It’s difficult to rise above the noise | Brian Hazard from Passive Promotion
We were lucky to meet Brian Hazard. He is a well-known artist with over 20 years of experience promoting his 9 Color Theory albums. Brian is also a mastering engineer (and owner of Resonance Mastering) in Huntington Beach, California. We had a word with him and thought it will be a great idea to share the talk with you.
His Passive Promotion blog emphasizes “set it and forget it” methods of music promotion, along with a few tips on mixing.
Greetings, Brian! For the uninitiated, give us your background as a self-promoter, musician, and mastering engineer.
I’ve been putting out Color Theory records since 1994, and started Resonance Mastering in 1999. My Passive Promotion blog started as a way to keep my fans up to date with my promotion efforts, and soon pivoted to what it is today — a place where I share my experiences with different promotion services and strategies.
In your opinion, what is the best method of promoting one’s music online in the current day and age?
I won’t pretend to have tried everything, but I’m currently using three services: ReverbNation’s Crowd Review to get objective feedback on my songs, SubmitHub to present my tracks to bloggers, and Feature.fm to get my music heard by listeners on Deezer and 8tracks.
Before spending any money though, it’s important to have an online foundation in place: your website at yourbandname.com, and at least a basic presence on Instagram, Facebook, Twitter, SoundCloud, YouTube, and maybe Snapchat if your audience skews young.
What are the biggest challenges musicians face in online promotion?
Getting your music heard in the first place! It’s difficult to rise above the noise. You’re more likely to succeed if you have an engaging personal story and can get people invested in you as a person before trying to push your music on them.
Giving your music away for free is no longer a compelling differentiator! Few people are willing to pay money for music these days, but they may be willing to support you if the connection is genuine.
With so many options for online promotion and streaming, what should a musician look for when choosing a web platform?
Regardless of which platform(s) you choose, it’s important to maintain a mailing list. That way, if (when) the platform disappears, you haven’t lost the connection to your fans.
It’s also important to find a platform where musicians aren’t just promoting to other musicians. I get dozens of mailing list signups every month from ReverbNation, but judging by clickthrough rates on my emails, not many of them are interested in my music. They’re likely just hoping that I’ll return the favor and check them out.
The worst was mp3.com back in the day, where musicians formed listening groups to stream each others’ tracks.
Tell us a story about a particularly successful promotion attempt of yours, and then one that went haywire!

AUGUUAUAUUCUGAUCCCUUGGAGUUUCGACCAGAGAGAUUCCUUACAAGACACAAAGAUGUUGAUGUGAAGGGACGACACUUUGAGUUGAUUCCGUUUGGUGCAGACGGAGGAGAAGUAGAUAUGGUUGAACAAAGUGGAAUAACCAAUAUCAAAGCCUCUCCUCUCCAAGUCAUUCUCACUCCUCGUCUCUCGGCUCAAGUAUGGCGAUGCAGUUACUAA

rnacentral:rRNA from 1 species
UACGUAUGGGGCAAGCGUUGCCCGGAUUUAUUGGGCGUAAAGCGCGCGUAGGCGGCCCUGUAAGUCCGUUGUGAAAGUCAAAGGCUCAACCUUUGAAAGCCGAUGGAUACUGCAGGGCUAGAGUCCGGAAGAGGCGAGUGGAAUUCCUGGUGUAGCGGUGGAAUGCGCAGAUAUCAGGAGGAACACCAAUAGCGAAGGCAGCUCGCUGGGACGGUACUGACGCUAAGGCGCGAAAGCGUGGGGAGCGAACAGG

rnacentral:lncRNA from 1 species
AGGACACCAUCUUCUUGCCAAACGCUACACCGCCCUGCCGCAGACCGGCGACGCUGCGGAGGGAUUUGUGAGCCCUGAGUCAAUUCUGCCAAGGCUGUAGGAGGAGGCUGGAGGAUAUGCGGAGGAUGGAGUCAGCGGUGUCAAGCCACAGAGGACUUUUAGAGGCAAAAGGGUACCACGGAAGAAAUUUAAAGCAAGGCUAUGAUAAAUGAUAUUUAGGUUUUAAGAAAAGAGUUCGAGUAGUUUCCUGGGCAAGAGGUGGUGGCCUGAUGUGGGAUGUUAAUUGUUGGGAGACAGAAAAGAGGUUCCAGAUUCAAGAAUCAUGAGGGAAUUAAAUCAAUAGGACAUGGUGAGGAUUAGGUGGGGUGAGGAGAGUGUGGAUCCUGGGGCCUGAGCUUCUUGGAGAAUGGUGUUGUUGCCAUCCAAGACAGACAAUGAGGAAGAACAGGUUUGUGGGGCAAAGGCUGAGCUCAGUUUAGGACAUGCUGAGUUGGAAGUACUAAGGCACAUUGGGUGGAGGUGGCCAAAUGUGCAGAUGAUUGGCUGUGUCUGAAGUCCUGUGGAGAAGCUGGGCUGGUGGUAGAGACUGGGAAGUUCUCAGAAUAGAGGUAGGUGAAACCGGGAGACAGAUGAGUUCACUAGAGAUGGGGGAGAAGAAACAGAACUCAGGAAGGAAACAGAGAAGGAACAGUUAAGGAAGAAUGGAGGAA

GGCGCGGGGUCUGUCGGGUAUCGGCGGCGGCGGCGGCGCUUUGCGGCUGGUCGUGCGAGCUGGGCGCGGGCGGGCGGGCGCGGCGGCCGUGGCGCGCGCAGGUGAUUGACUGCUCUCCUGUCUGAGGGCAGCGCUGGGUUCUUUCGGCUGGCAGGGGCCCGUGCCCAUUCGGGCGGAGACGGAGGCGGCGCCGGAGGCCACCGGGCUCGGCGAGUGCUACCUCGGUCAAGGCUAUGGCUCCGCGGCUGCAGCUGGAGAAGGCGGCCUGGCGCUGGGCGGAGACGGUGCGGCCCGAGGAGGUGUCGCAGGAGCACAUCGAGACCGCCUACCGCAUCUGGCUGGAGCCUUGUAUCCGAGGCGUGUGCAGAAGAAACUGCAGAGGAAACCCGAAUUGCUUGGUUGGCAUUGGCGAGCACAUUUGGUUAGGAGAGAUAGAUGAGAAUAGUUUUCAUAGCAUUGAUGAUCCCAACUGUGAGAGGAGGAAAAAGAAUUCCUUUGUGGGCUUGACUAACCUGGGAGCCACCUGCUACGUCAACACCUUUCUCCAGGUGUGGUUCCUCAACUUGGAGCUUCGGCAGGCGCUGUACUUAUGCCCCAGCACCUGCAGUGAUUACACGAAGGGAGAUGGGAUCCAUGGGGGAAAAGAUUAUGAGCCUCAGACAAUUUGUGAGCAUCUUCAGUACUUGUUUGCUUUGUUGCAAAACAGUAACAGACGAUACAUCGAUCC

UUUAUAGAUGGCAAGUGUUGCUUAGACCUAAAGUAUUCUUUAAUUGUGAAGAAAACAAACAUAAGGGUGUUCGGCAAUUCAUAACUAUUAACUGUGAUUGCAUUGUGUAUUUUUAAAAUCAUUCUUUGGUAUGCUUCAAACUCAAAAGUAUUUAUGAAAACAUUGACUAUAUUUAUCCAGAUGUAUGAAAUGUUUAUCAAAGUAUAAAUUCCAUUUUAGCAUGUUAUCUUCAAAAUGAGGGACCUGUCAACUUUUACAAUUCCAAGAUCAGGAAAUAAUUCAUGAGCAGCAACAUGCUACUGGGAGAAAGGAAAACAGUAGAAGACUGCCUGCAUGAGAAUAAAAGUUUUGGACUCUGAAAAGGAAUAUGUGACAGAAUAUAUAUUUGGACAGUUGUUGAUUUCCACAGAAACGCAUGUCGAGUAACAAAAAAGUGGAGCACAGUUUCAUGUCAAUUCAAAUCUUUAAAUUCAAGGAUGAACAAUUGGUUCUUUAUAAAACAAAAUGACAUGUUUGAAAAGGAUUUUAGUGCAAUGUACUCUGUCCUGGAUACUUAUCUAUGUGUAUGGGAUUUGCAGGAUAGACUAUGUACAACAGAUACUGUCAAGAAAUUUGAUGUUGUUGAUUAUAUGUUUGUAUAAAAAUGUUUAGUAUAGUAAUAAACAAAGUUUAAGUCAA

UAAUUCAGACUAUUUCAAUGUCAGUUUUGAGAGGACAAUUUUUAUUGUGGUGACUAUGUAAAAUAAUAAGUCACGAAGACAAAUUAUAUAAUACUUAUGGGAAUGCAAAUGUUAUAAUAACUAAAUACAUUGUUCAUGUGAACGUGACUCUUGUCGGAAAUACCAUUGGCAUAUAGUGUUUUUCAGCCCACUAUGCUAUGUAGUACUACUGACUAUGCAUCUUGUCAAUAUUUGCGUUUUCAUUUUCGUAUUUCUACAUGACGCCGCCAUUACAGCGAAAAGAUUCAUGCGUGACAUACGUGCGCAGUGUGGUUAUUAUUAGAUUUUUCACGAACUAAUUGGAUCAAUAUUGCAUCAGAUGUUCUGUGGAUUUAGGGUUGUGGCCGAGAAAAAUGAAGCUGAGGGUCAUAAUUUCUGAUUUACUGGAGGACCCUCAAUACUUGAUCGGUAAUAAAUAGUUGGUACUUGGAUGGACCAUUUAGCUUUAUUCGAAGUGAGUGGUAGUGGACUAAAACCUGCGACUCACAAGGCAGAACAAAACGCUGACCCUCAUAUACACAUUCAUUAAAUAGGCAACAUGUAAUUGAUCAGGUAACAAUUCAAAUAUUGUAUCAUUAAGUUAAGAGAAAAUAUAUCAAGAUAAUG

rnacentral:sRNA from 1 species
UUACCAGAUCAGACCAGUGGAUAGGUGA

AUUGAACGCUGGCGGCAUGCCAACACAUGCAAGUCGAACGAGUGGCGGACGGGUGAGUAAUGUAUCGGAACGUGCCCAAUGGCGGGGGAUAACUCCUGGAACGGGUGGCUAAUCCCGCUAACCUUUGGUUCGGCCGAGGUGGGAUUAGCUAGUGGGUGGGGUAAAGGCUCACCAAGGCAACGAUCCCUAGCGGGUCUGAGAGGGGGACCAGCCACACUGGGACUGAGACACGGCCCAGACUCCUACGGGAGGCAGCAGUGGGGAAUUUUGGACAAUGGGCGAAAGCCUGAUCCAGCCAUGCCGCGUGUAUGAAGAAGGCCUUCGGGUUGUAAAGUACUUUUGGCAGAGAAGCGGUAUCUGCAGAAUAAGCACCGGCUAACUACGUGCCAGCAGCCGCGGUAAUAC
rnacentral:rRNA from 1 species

I recently spent $500 promoting a song on Deezer via Feature.fm that resulted in nearly 600 playlist adds. I’m still waiting to see how that translates to royalties, but it seems that was money well spent!
On the other end of the spectrum, I just published a post about my experience with Playlist Push, a Spotify playlist pitching service. I spent $285 and got 5 playlist adds. Unfortunately most of the playlists were bogus, and as a result, Playlist Push kicked the curators off the platform. I’d call that a bust!
Do you think musicians compete among themselves too much when they should be helping each other out?
That’s a tough question to answer. I think it’s natural to feel competitive toward bands making similar music! If it drives you to work harder, great. Unfortunately, it also clouds our ability to analyze their music and promotional efforts objectively. There’s a lot to be learned from people doing the same thing we are, only better.
On the other hand, I see more collaboration than ever. Personally, I’d like to collaborate with some of my “related artists” on Spotify and Pandora, because it’s virtually guaranteed to be a success. At the very least, I’m thinking of putting together a playlist of related artists, featuring the songs they select.
How many musical projects do you currently have and which one means the most to you?
Color Theory is my only musical project. I’m not a member of any other bands or releasing music under another name.
But I’m also producing music for a couple of other artists, and mastering for dozens more. While my own music means the most to me, I definitely work harder on other peoples’! I can let little things slide on my own stuff, but when I think about the years that bands can put into an album, and the fact that they’re trusting the final product to me, I owe it to them to give it my all.
What do you think of Drooble and our mission of uniting musicians around the world?
It’s a surprisingly robust platform! I like that it emphasizes collaboration over competition. It’s not about knocking someone else from the #1 spot in your genre in your city. Having all those musicians available to chat with makes me wish I had more time to chat!